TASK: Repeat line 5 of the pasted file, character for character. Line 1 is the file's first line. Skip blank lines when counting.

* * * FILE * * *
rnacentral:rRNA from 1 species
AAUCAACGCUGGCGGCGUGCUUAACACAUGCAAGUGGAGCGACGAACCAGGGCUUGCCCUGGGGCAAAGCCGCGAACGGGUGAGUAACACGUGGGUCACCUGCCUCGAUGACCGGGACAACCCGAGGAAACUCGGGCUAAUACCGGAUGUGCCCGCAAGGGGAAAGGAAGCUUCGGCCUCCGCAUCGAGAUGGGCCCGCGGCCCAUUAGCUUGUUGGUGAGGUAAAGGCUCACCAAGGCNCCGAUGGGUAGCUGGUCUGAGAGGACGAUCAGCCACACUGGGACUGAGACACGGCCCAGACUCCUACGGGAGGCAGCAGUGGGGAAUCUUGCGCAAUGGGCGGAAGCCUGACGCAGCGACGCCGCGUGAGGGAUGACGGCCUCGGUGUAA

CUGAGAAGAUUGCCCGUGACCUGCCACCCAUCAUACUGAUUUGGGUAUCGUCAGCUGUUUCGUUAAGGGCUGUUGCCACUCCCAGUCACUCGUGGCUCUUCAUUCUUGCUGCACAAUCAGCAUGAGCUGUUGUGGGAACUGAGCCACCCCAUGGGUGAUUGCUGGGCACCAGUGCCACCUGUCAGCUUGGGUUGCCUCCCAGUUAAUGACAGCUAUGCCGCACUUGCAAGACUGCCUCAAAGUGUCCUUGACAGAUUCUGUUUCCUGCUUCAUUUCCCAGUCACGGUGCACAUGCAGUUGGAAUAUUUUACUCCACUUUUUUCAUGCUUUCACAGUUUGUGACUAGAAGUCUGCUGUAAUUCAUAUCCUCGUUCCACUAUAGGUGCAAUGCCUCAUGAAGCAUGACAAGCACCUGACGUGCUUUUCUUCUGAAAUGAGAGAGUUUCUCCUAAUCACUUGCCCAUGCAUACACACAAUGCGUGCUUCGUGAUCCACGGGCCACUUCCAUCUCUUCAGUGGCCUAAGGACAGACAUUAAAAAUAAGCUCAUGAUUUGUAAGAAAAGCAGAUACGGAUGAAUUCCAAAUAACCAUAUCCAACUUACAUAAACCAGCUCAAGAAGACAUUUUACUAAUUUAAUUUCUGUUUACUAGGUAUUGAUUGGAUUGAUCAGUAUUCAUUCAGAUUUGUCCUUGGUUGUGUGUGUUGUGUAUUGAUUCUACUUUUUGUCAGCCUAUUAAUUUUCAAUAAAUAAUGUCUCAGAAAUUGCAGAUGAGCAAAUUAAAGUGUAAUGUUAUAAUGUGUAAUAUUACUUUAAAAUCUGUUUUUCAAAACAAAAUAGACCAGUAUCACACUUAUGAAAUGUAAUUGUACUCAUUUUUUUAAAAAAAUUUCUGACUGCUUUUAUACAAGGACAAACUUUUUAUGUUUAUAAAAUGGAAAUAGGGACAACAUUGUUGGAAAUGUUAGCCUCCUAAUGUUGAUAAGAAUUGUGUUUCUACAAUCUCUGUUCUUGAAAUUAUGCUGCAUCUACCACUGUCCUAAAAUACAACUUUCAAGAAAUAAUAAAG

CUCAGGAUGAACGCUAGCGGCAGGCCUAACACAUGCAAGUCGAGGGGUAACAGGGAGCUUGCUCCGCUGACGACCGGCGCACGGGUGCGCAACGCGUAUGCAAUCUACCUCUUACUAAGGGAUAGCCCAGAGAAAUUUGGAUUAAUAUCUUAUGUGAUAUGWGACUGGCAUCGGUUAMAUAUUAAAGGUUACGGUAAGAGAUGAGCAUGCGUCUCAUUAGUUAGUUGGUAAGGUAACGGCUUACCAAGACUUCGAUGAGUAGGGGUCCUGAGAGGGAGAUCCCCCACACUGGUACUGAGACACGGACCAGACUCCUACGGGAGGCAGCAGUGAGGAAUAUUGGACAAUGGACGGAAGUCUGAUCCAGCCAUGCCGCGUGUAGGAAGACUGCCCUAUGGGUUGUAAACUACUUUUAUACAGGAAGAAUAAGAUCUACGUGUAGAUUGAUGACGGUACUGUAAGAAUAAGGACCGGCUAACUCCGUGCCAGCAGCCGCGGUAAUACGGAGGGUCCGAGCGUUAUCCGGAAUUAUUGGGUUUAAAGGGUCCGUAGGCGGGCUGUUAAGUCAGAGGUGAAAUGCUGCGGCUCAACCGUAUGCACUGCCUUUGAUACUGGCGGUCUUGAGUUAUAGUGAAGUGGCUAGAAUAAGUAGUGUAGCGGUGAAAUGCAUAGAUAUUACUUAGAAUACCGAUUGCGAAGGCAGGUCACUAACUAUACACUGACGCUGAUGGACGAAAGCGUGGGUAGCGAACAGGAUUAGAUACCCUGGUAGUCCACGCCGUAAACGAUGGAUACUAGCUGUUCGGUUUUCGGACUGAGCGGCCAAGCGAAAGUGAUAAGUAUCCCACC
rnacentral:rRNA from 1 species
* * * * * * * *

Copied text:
rnacentral:rRNA from 1 species